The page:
Nationally recognized as an authority in the fields of planning and public administration, Dr. DeGrove was appointed by President Lyndon B. Johnson to the National Commission on Urban Problems (the Douglas Commission) from 1967-1968. He served as advisor to the state/regional/local planning and growth management systems in the states of California, Georgia, Maine, New Jersey, North Carolina, Rhode Island, Vermont, Maryland, Virginia, Washington, Oregon, Arizona, Minnesota, Pennsylvania, Texas and Canada, earning him the distinction of “Grandfather of Growth Management.”

He authored numerous publications on growth management, including three definitive books, Land, Growth and Politics in 1984, The New Frontier for Land Policy in 1992, and Planning Policy and Politics: Smart Growth and the States in 2005. His memberships included the National Academy of Public Administration and the American Planning Association, and he was named a Fellow with American Institute of Certified Planners (AICP) in 2006.

Every citizen of this great state owes Dr. John DeGrove boundless thanks for his years of service working to make water management effective and creating the tools for local government to control unwanted growth in areas of genuine concern for sprawl and defense of special natural areas.

His family is planning a memorial service in Florida at a yet-to-be-determined location and date.

John DeGrove will be sorely missed by his colleagues and the people of Florida.


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richard grosso

John Degrove was a brilliant and kind man, a practical visionary, a hero who could speak truth to power, and a great guy to be around. He was a special person with a wonderful sense of humour who was liked and respected by even those with whom he disagreed. He leaves behind many disciples and friends. This is especially sad news, which i hope will cause us all to redouble our efforts to carry on his important work.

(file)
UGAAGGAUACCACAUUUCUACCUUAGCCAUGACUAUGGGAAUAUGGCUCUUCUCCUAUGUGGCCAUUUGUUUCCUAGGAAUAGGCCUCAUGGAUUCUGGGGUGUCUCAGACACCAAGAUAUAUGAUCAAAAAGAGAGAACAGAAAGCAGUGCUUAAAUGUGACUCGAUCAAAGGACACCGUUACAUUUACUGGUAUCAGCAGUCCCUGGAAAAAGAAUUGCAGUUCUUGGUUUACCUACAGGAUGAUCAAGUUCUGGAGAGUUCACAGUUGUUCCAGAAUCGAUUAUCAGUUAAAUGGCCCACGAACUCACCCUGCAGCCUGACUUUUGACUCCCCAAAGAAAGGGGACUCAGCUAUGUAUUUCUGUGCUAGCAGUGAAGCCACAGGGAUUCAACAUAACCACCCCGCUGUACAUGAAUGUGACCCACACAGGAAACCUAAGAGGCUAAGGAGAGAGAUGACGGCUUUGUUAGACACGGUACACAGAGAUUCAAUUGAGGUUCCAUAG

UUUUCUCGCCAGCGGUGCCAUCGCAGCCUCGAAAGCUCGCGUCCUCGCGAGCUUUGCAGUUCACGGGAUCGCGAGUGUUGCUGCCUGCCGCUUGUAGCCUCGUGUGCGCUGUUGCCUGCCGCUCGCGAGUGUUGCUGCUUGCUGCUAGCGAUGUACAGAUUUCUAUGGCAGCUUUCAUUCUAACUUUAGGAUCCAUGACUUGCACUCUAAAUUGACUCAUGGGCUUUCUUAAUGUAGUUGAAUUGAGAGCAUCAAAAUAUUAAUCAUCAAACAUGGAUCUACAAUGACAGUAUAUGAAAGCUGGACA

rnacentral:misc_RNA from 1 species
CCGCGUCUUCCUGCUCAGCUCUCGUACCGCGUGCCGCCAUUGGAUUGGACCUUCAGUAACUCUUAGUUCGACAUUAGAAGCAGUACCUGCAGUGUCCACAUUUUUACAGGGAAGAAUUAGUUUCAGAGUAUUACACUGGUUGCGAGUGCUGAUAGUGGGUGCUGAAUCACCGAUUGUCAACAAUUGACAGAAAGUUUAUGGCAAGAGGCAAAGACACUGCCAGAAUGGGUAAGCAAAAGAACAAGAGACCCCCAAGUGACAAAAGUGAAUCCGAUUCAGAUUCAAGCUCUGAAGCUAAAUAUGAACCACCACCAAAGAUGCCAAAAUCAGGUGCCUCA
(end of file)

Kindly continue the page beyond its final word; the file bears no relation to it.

And in the process of siring growth management, he bred those unaccountable, runaway, bureaucratic behemoths we call the water management districts.

Was his brilliance shown in creating unelected boards who tax the citizenry to pay for their special projects and award contracts and jobs to their political and professional cronies?

What he spawned was more bureaucratic sprawl and new mechanisms for government to take money from all of us to redistribute to into the pockets of bureaucrats, technocrats, engineers, lawyers, and environmental crusaders with wacky, fadish agendas.

This is often what happens when we let academics run amok with their notions of how to make things better.

But I'm sure he was a nice guy.


So "whasup", which corporate developer did you say you work for? John DeGrove is one of the reasons this state isn't (yet) completely dessicated.



G. Edmund Cushing

John was a brother Signa Nu at Rollins. When we graduated, the photo in the year book showed John and I with a tame raccoon. You see, his nickname was Coondog- we couldn't find a dog so we settled for the raccoon. John had survived tuberculosis prior to Rollins and later his success with the depth of his interests and the stressful successful endeavors he achieved were accomplished despite that health problem. He left Florida better than it was when he started work.